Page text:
New NFL Domestic Violence Policy Is It Enough?


September 4, 2014; Seattle, WA, USA; NFL commissioner Roger Goodell walks the sidelines before the game between the Seattle Seahawks and the Green Bay Packers at CenturyLink Field. Mandatory Credit: Kyle Terada-USA TODAY Sports

Roger Goodell sent out a letter to all NFL owners last Thursday outlining the changes he’s made to the Personal Conduct Policy pertaining to Domestic Violence and Sexual Assault cases. It comes as a welcome addition to the policy concerning players’ behavior off the field. The new policy stems from the mishandling of the Ray Rice  incident earlier this spring. In his letter, Goodell admits he mishandled that case, and acknowledges that public outcry over his handling of the case led the way to the new policy. The new policy, in a nutshell, is that first time offenders will receive a six game suspension without pay. A subsequent offense will be banishment from the NFL. While this looks great on paper, I still wonder if it went far enough and I’ll tell you why.

Goodell addresses first time offenses in a an excerpt of his letter.

“Effective immediately , violations of the Personal Conduct Policy regarding assault, battery, domestic violence, or sexual assault that involve physical force will be subject to a six game suspension without pay for a first offense, with consideration given to mitigating factors, as well as a longer suspension when circumstances warrant it.”

It sounds great to me except for the consideration to mitigating circumstances. Look folks we are talking about grown men weighing upwards of 300 lbs, and standing around 6 ft tall. There are NO mitigating factors involved here. If you are a professional football player and assault a woman, whether that woman is your wife, girlfriend or a “one night stand”, you should be suspended! Remove the mitigating circumstances reference in your policy Mr. Goodell.

Concerning subsequent offenses, Mr Goodell says:

“A second offense will result in banishment  from the NFL; while an individual may petition for reinstatement after one year, there will be no presumption or assurance that the petition will be granted.”

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Again this sounds great, it bans a player from the NFL for at least a year without a guarantee of a reinstatement. However, I don’t see any reason to give these guys any chance of rejoining the NFL.  Rookies are instructed through the Rookie Symposium and the Rookie Success Program about the consequences they can expect from violations of the Personal Conduct Policy. Veterans and other NFL personnel have access to the NFL Life Line Program as well as the NFL Total Wellness Program, both programs offer professional counseling to NFL players and other personnel. There is ample help for players to work out their problems anonymously, before they resort to violence.  Allowing them to enter counseling after the fact and reinstating them only degrades the effectiveness of the professional care that they are already offered.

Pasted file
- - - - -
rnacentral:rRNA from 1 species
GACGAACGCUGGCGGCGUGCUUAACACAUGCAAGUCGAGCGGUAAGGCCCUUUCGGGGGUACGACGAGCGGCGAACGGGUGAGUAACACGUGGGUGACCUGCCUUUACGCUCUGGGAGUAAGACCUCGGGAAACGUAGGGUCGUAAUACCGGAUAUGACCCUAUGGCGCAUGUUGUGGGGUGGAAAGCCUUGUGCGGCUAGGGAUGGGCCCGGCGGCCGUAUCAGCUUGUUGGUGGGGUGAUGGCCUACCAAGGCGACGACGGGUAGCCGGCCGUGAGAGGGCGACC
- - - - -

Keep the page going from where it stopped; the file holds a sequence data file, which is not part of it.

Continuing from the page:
The NFL Players Association had this to say in response to Mr. Goodell’s new policy: ”

We were informed today of the NFL’s decision to increase penalties on domestic violence offenders under the Personal Conduct Policy for all NFL employees. As we do in all disciplinary matters, if we believe that players’ due process are infringed upon during the course of discipline, we will assert and defend our players’ rights.”

Personally I was appalled at the Player’s Association’s response. First, due process is a right a player possesses in the courts. Every one who works for the NFL signs the Personal Conduct Policy, and they sit through symposiums explaining each and every detail that is contained within it! They are offered professional counseling throughout their tenure in the league, and can do it confidentially, allowing them to seek help without repercussion. The players’ association must come to realize that their players have the “privilege” to play in this league, not the “right”. If they violate the Conduct policy they should be held to that violation by the league. The courts will provide “due process” in the legal system. The players association needs to accept these new policies with enthusiasm, not the overtone that they will stand up for their players’ “rights”.

In my opinion, if an employee of the NFL leaves the facility and goes home and beats his wife/girlfriend, he should be banned from the NFL for life. There are no excuses for any man, especially as large as these guys are to commit violence on a female.  There are no mitigating circumstances! Violence is violence and I don’t condone it, and I don’t think the NFL should either. Mr. Goodell has taken a stance, and I applaud him for his effort. I don’t believe his policy has gone far enough however, the NFL needs to adopt a “zero tolerance” policy towards offenders. What do you think of the new policies? Has the NFL done enough? Let’s discuss this one! I want to know what you think!!